Process to Make a Request
A Right to Know Law request should be submitted in writing in one of four ways:
- S. Mail
- In Person
Requests also can be made verbally, but making requests in writing is strongly recommended. The reason for this recommendation is simple: if the request is denied, you must include a copy of your request to file an appeal. Consequently, if an agency denies a verbal request, the requester cannot file an appeal.
Requests generally should be made using the Office of Open Records’ standard request form. This form can aid citizens in submitting clear and concise requests, and all agencies must accept requests submitted using this form. Some agencies provide their own request forms. Using an agency-specific form is acceptable, but those agencies also are required to accept the standard form.
Requests should be directed to the agency’s Open Records Officer. The name of the Open Records Officer generally can be found on an agency’s website. If you cannot find the name on the agency’s website, call the agency and ask for the person’s name.
- Agencies may charge for simple copying fees. The standard fee for copying set by the Office of Open Records is twenty-five cents per page. Agencies cannot charge a higher fee for copying.
- An agency may require you to pay for copies before any records are disclosed if copying the documents you requested will cost more than $100. Please note: if you do not want to pay more than an amount less than this, let the agency know up front or ask them to contact you if it will be more than a certain amount.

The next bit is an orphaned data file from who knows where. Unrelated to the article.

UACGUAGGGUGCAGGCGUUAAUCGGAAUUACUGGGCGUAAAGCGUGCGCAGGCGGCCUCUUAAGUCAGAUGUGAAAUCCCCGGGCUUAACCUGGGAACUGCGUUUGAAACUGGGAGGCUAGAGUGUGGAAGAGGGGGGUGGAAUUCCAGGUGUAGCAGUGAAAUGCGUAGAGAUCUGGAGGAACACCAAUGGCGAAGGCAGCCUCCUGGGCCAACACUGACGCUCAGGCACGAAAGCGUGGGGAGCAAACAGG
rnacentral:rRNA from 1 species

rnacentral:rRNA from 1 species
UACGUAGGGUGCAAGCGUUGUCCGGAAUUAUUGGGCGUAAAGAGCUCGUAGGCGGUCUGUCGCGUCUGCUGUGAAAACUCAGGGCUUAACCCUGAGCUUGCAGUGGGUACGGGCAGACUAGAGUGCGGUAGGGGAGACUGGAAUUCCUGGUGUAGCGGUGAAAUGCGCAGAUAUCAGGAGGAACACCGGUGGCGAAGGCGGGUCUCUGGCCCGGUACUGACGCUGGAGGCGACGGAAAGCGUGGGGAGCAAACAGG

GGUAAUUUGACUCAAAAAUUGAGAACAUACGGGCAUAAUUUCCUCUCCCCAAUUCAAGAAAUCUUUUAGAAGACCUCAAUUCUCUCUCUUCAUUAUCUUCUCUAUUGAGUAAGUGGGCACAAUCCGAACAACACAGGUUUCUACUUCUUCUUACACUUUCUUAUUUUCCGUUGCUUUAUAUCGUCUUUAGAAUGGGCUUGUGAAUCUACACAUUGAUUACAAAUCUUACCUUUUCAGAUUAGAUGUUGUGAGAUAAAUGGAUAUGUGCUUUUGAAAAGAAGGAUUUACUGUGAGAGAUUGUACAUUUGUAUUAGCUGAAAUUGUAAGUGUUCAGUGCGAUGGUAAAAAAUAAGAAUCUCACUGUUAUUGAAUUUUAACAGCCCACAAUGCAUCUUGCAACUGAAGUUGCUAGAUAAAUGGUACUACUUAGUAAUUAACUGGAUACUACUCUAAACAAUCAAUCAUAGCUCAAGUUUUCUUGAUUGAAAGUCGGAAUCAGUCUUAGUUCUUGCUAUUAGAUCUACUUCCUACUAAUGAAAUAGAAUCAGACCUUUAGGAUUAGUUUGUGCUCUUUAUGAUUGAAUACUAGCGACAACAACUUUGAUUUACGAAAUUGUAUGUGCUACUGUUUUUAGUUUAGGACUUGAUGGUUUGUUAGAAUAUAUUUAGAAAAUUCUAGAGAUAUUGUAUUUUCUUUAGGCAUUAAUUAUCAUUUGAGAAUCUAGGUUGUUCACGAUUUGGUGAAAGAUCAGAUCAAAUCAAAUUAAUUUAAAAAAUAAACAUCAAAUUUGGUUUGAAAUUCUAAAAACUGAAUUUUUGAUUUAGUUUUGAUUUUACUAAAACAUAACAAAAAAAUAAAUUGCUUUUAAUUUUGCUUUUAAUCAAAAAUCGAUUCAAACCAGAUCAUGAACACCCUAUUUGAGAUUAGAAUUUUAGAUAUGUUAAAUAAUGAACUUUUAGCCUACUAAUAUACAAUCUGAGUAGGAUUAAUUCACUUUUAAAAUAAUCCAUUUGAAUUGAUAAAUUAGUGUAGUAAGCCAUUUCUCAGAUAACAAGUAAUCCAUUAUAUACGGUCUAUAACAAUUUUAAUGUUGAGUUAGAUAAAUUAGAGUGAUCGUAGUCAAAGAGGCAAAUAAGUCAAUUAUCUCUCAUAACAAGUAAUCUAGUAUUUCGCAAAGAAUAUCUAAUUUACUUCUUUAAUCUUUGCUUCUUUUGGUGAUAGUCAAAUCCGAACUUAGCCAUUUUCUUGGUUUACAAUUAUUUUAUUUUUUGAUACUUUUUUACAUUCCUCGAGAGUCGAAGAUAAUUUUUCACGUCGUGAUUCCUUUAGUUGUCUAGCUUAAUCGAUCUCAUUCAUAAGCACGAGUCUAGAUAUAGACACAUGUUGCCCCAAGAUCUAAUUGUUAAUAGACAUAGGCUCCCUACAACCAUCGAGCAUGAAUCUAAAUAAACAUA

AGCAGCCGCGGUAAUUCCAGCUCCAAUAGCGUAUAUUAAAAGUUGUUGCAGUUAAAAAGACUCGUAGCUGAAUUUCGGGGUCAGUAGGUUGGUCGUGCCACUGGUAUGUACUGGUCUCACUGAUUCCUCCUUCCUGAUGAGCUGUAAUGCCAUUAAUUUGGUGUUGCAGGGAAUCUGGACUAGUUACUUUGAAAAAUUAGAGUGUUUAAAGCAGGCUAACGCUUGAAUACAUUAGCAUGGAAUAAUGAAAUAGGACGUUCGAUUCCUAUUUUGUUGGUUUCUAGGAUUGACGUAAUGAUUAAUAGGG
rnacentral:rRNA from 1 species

- If you request documents to be provided in electronic form, agencies might charge fees for copying the documents electronically (for example, the cost of putting documents onto a DVD).
- Agencies may not charge you for the time its employees spend preparing your requested records or for a legal review by its attorney.
- Agencies may charge for the postage needed to send you the records you request.
- Agencies also may charge fees for complex and extensive data sets.
- Agencies can charge a certification fee but only if you request certified copies (most RTKL forms ask this on the form so check ‘no’).
- You can request that the agency waive its fees. Agencies can waive fees if requesters make their own copies or if they deem the requests to be in the public interest. Agencies, however, are not required to waive fees.
What Happens Once You Submit Your Request?
The agency has five business days to respond once its Open Records Officer receives your request. A business day is any day in which the offices of the agency are open, and does not include weekends or holidays. Remember – this “clock” starts running only once the agency’s Open Records Officer receives the request, so it is very important to direct your request to the Open Records Officer.
Within those five business days, the agency can respond in one of four ways:
- Disclose all of the records you requested;
- Disclose some of the records you requested, and deny access to others;
- Deny access to all records you requested; or
- Invoke an extension of 30 calendar days, after which the agency must respond in one of the three ways above.
If the agency does not respond within five-business days, the request is “deemed denied,” and you can begin the appeals process as if the agency actually denied your request.